3 years to go from HTML2 to HTML4, but the HTML4.01 specifications were published 10 years ago and even though today's web looks very different, we are still waiting for HTML5. The Web Hypertext Application Technology Working Group started preliminary work on what is now known as HTML5 in 2004 and the W3C HTML Working Group was adopted this draft as the basis for the HTML5 specs in 2007. Some modern browsers already offer partial support for HTML5, but there are still quite a few issues that need to be resolved before we will see the finalized version of the HTML5 specifications. One area where there is still a lot of discussion is support for video in HTML5.It only took
Philippe Le Hegaret, the interaction domain leader for the W3C, talked about this issue in an interview with WebMonkey's Michael Calore.
According to Le Hegaret, video support is still one of the main issues surrounding the development of HTML5. Safari and Chrome are both based on the same open-source WebKit engine. Video support, however, is not part of WebKit yet, so every vendor implements it differently. Currently, browser developer disagree over how to implement this feature and what codec to use. Apple wants to use uses H.264 and Mozilla, Google and Opera support Ogg Theora. As of now, HTML5 still includes the <video> tag, but doesn't specify which codec to use.
Transition from Plugins
Until these issues are sorted out, users will have to continue to rely on plugins. Of course, the only way to do away with video plugins would be to make sure that every online video provider also adopted this new standard. As Le Hegaret rightly points out in the interview with WebMonkey, people don't like to install plugins, but everybody installs the Flash plugin because "if you can't see YouTube, your life on the web is pretty miserable. You're missing a lot." Le Hegaret acknowledges that there has to be a transition period before users can switch from Flash to HTML5 video.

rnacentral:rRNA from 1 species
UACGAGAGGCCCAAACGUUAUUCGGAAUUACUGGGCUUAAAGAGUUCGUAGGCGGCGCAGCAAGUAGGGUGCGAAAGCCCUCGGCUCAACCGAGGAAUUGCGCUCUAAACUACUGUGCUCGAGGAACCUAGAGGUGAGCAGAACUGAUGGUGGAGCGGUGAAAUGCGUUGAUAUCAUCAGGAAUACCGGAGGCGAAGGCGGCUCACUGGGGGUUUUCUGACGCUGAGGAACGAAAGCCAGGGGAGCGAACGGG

For developers, the fact that the video is not running in a plugin that can't talk to the browser is a major advantage of having built-in video support in the browser. With video in HTML5, developers can connect the video to the rest of the page and have actions on the page or video influence other parts of the site.
What About Microsoft?
If you want to learn more about HTML5, also have a look at this story: 5 Exciting Things to Look Forward to in HTML5.